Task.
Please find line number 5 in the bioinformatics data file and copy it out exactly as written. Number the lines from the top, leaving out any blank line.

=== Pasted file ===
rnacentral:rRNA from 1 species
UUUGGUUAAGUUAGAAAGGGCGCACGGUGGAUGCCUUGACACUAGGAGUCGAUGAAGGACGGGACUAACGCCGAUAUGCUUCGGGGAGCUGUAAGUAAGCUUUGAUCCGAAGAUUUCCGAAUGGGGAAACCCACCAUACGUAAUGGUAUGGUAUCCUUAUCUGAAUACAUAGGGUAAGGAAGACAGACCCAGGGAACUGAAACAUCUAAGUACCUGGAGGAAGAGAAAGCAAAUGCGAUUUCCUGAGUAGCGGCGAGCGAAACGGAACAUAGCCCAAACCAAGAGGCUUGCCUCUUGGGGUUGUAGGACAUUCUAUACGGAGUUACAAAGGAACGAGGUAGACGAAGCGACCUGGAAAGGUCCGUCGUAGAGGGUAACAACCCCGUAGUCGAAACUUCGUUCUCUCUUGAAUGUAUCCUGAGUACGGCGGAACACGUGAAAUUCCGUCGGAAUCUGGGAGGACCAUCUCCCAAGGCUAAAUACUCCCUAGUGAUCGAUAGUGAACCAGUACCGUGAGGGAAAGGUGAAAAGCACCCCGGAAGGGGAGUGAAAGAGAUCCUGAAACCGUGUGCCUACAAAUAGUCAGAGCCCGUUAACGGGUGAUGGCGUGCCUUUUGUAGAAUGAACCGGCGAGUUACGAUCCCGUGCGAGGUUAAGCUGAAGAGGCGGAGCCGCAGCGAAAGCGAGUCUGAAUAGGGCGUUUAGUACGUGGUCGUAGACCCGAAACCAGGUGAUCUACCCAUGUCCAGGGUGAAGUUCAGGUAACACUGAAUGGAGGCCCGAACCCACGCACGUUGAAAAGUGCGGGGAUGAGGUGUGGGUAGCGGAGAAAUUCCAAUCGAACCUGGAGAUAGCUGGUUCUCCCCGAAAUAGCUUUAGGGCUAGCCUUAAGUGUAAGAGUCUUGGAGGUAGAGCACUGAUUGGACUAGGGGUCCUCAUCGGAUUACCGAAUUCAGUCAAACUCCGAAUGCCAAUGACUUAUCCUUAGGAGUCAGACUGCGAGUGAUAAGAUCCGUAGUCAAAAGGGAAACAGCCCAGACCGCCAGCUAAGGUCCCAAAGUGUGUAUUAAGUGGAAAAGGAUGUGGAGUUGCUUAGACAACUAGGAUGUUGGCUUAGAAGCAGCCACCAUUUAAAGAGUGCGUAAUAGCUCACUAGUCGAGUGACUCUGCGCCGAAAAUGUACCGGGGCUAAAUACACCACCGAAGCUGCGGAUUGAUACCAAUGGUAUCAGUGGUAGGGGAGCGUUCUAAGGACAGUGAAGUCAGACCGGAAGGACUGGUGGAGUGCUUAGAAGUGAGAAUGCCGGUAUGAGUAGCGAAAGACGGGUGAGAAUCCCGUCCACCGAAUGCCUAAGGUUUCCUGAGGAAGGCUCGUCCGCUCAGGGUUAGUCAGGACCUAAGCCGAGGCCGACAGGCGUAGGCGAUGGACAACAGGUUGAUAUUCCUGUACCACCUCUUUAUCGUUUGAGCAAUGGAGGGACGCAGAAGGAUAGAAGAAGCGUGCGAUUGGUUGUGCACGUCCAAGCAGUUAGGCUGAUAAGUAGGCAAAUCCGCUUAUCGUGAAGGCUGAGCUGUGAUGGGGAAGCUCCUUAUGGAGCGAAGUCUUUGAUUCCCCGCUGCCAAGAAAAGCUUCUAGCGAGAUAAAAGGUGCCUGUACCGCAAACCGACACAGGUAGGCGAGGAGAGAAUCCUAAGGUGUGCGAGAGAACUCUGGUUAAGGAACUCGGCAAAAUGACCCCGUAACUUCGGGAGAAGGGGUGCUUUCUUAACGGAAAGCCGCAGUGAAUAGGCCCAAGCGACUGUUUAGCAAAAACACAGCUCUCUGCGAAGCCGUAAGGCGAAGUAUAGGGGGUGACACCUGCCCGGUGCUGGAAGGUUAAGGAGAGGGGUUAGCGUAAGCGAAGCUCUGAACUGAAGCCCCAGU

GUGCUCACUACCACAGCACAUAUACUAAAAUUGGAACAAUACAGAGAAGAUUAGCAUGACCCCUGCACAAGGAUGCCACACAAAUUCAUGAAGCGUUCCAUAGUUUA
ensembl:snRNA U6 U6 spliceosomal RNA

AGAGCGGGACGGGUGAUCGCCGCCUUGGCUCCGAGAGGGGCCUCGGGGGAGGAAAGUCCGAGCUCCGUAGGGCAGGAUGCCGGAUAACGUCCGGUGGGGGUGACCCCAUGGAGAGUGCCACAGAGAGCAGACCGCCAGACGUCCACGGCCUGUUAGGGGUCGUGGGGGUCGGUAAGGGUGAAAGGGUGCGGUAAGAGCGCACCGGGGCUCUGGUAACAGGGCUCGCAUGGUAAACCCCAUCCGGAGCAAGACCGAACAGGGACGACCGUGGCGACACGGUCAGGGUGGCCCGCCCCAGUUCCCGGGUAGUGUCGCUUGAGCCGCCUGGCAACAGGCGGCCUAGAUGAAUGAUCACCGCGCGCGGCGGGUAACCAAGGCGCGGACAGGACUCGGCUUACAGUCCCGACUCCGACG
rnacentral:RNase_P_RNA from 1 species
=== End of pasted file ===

AGAGCGGGACGGGUGAUCGCCGCCUUGGCUCCGAGAGGGGCCUCGGGGGAGGAAAGUCCGAGCUCCGUAGGGCAGGAUGCCGGAUAACGUCCGGUGGGGGUGACCCCAUGGAGAGUGCCACAGAGAGCAGACCGCCAGACGUCCACGGCCUGUUAGGGGUCGUGGGGGUCGGUAAGGGUGAAAGGGUGCGGUAAGAGCGCACCGGGGCUCUGGUAACAGGGCUCGCAUGGUAAACCCCAUCCGGAGCAAGACCGAACAGGGACGACCGUGGCGACACGGUCAGGGUGGCCCGCCCCAGUUCCCGGGUAGUGUCGCUUGAGCCGCCUGGCAACAGGCGGCCUAGAUGAAUGAUCACCGCGCGCGGCGGGUAACCAAGGCGCGGACAGGACUCGGCUUACAGUCCCGACUCCGACG